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Sexual assault linked to brain damage in women, study finds

The study found that women who suffered sexual assault showed signs of brain damage linked to

Sexual assault linked to brain damage in women, study finds
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Sexual assault can be incredibly traumatic and now a new study has revealed that women who have been sexually assaulted have a higher risk of developing a type of brain damage. The study carried out at the University of Pittsburgh's Graduate School of Public Health found that brain damage resulting from sexual assault is linked to cognitive decline, dementia, and stroke. "It could be either childhood sexual abuse or adult sexual assault," said Rebecca Thurston, the study author who's a professor and director of the Women's Biobehavioral Health Laboratory at the University of Pittsburgh's Graduate School of Public Health, reported CNN. "Based upon population data, most women have their sexual assaults when they are in early adolescence and early adulthood," she added, "so these are likely early experiences that we're seeing the marks of later in life."

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There has already been a lot of studies that point to the long-term effects that sexual assault can have on a victim's body and mind. The study that was presented at the annual meeting of the North American Menopause Society highlighted that sexual assault was one of the biggest issues faced by women. "We need to keep our attention on this issue of sexual violence against women and not let it fall off the radar screen of society, because it continues to be a major women's health issue," said Thurston.



 

 

The study monitored the brain scans of 145 midlife women with no prior history of cardiovascular disease, stroke, or dementia. Among the participants of the study, 68% had experienced trauma and for 23% of them, they suffered trauma as a result of sexual assault. The authors looked out for small white spots on white matter hyperintensities in the brain scans, which are an indication of disruptions in blood flow that have left damage in the brain. "Using brain imaging, we found that women with a history of sexual assault have greater white matter hyperintensities in the brain, which is an indicator of small vessel disease that has been linked to stroke, dementia, cognitive decline, and mortality," said Thurston.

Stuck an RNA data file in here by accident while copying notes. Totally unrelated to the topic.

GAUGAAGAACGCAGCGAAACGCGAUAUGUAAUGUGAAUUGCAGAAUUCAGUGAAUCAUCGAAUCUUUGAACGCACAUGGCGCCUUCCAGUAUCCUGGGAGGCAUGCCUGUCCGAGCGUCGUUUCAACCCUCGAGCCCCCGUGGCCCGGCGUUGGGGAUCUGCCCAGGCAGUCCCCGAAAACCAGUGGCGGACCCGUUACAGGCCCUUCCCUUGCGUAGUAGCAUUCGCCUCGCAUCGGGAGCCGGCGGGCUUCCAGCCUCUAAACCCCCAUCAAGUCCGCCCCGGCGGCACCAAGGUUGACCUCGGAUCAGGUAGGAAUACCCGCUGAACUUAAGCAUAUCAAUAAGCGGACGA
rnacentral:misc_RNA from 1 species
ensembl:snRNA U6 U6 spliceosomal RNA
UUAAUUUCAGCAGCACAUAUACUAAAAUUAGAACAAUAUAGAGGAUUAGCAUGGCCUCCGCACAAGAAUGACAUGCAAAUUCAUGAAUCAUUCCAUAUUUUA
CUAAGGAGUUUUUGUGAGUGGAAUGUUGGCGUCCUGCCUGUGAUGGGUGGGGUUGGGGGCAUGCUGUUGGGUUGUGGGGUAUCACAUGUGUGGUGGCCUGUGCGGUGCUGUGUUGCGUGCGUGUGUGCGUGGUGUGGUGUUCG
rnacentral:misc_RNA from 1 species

The study had controlled for other diseases and factors that could affect the development of white matter hyperintensities, including age, hypertension, smoking, and diabetes. The study that is all set to be published in the journal Brain Imaging and Behavior also controlled for emotional disorders, including depression, anxiety, and post-traumatic stress disorder (PTSD) symptoms. Thurston pointed out that the increase in white matter hyperintensities wasn't explained by these subjective symptoms of distress. "It's almost like your body has a memory that may not be fully manifesting through psychological symptoms. The sexual assault also leaves footprints of the trauma in our brains and our bodies," said Thurston. 

Thurston said that physicians should be taking into account sexual trauma when assessing patients and this could help to monitor women's cardiovascular risk as they age. She added that it's never easy for women to speak up on their sexual trauma, saying they needed to feel empowered to speak up. "Absolutely share this information with your health care providers," said Thurston. "This is not your fault, so please share what you are comfortable with disclosing. It's important information that has implications for your physical health and your emotional well-being." Other studies have found that sexual trauma is also linked to higher levels of triglycerides and blood pressure in midlife, and a three-fold greater risk of developing carotid plaque, all key risk factors for heart disease.

If you are being subjected to sexual assault, or know of anyone who is, please call the National Sexual Assault Hotline at 800.656.HOPE (4673).